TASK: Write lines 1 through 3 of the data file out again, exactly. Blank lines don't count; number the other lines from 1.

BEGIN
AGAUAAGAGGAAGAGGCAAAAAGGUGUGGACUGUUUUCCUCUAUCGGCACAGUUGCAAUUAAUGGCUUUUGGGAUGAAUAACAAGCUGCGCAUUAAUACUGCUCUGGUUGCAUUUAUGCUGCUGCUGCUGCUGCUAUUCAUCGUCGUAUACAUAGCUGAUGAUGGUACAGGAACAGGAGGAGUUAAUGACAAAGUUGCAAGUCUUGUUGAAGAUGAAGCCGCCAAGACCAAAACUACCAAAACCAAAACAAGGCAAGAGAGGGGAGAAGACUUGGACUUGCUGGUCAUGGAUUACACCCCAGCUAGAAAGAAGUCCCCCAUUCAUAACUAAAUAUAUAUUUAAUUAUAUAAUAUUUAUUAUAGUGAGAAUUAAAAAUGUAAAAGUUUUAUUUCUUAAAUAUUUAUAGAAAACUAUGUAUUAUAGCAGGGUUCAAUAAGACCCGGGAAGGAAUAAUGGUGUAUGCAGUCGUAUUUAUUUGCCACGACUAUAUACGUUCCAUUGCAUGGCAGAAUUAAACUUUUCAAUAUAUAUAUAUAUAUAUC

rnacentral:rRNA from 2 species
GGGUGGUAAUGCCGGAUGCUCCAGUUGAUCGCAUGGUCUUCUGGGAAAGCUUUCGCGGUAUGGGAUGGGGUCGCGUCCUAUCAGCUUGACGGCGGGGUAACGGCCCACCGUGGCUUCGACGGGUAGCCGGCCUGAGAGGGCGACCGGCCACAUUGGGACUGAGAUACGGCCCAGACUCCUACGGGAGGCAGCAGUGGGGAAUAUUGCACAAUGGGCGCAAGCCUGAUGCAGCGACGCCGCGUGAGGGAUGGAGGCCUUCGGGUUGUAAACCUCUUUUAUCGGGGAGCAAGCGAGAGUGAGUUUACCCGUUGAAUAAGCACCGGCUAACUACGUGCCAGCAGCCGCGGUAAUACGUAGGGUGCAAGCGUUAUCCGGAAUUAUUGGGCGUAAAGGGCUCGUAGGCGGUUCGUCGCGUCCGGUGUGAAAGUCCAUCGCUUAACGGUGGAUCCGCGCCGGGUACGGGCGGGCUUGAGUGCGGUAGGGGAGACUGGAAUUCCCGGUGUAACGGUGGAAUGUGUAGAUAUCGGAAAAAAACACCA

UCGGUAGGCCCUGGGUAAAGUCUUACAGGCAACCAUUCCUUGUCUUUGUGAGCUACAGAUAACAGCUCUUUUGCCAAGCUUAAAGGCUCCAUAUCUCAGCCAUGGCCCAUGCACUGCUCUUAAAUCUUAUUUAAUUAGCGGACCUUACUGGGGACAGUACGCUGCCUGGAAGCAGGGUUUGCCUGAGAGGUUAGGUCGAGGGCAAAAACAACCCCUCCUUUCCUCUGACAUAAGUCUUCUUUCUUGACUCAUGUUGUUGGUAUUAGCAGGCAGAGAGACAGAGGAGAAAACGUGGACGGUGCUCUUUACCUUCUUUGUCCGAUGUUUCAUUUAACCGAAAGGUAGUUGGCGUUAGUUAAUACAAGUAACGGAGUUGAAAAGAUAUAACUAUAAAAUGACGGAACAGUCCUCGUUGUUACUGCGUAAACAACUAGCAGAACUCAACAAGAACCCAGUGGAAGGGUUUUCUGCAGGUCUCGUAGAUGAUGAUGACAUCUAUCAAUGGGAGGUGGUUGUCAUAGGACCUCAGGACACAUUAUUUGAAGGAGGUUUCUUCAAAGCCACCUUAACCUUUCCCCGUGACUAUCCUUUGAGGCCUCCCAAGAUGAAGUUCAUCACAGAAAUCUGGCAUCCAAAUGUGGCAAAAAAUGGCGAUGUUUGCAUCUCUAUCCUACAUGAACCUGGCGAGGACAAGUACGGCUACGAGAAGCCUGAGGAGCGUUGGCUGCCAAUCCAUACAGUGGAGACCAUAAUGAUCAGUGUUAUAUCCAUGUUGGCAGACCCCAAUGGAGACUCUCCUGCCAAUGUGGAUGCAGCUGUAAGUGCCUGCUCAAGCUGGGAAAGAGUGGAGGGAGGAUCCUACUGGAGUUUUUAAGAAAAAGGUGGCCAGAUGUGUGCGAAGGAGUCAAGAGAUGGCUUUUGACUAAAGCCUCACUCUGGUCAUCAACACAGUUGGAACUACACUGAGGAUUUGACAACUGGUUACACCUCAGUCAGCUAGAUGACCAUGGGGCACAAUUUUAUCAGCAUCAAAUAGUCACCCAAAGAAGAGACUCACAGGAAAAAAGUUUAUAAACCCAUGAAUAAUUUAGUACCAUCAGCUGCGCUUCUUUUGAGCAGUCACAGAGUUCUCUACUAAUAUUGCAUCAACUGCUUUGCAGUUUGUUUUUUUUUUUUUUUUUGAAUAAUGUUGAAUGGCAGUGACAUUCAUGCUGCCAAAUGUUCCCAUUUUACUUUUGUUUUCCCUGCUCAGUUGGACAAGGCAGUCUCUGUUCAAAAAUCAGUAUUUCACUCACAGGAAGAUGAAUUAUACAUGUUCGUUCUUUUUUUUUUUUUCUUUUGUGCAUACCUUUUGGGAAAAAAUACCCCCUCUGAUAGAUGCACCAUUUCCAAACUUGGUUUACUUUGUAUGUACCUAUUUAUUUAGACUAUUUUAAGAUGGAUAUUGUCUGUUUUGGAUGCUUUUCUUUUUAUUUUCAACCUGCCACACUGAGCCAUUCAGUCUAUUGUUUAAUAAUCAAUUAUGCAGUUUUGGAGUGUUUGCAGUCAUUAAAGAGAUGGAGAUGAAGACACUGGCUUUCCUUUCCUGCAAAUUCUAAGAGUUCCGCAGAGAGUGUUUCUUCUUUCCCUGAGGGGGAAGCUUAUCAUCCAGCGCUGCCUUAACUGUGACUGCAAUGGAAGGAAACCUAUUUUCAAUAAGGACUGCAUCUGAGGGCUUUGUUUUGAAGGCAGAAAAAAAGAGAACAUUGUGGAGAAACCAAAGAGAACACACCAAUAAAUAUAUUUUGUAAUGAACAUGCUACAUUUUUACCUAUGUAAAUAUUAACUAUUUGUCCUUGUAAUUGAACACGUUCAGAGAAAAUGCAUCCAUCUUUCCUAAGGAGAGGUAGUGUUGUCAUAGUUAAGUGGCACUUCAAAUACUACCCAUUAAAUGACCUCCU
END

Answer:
AGAUAAGAGGAAGAGGCAAAAAGGUGUGGACUGUUUUCCUCUAUCGGCACAGUUGCAAUUAAUGGCUUUUGGGAUGAAUAACAAGCUGCGCAUUAAUACUGCUCUGGUUGCAUUUAUGCUGCUGCUGCUGCUGCUAUUCAUCGUCGUAUACAUAGCUGAUGAUGGUACAGGAACAGGAGGAGUUAAUGACAAAGUUGCAAGUCUUGUUGAAGAUGAAGCCGCCAAGACCAAAACUACCAAAACCAAAACAAGGCAAGAGAGGGGAGAAGACUUGGACUUGCUGGUCAUGGAUUACACCCCAGCUAGAAAGAAGUCCCCCAUUCAUAACUAAAUAUAUAUUUAAUUAUAUAAUAUUUAUUAUAGUGAGAAUUAAAAAUGUAAAAGUUUUAUUUCUUAAAUAUUUAUAGAAAACUAUGUAUUAUAGCAGGGUUCAAUAAGACCCGGGAAGGAAUAAUGGUGUAUGCAGUCGUAUUUAUUUGCCACGACUAUAUACGUUCCAUUGCAUGGCAGAAUUAAACUUUUCAAUAUAUAUAUAUAUAUAUC

rnacentral:rRNA from 2 species
GGGUGGUAAUGCCGGAUGCUCCAGUUGAUCGCAUGGUCUUCUGGGAAAGCUUUCGCGGUAUGGGAUGGGGUCGCGUCCUAUCAGCUUGACGGCGGGGUAACGGCCCACCGUGGCUUCGACGGGUAGCCGGCCUGAGAGGGCGACCGGCCACAUUGGGACUGAGAUACGGCCCAGACUCCUACGGGAGGCAGCAGUGGGGAAUAUUGCACAAUGGGCGCAAGCCUGAUGCAGCGACGCCGCGUGAGGGAUGGAGGCCUUCGGGUUGUAAACCUCUUUUAUCGGGGAGCAAGCGAGAGUGAGUUUACCCGUUGAAUAAGCACCGGCUAACUACGUGCCAGCAGCCGCGGUAAUACGUAGGGUGCAAGCGUUAUCCGGAAUUAUUGGGCGUAAAGGGCUCGUAGGCGGUUCGUCGCGUCCGGUGUGAAAGUCCAUCGCUUAACGGUGGAUCCGCGCCGGGUACGGGCGGGCUUGAGUGCGGUAGGGGAGACUGGAAUUCCCGGUGUAACGGUGGAAUGUGUAGAUAUCGGAAAAAAACACCA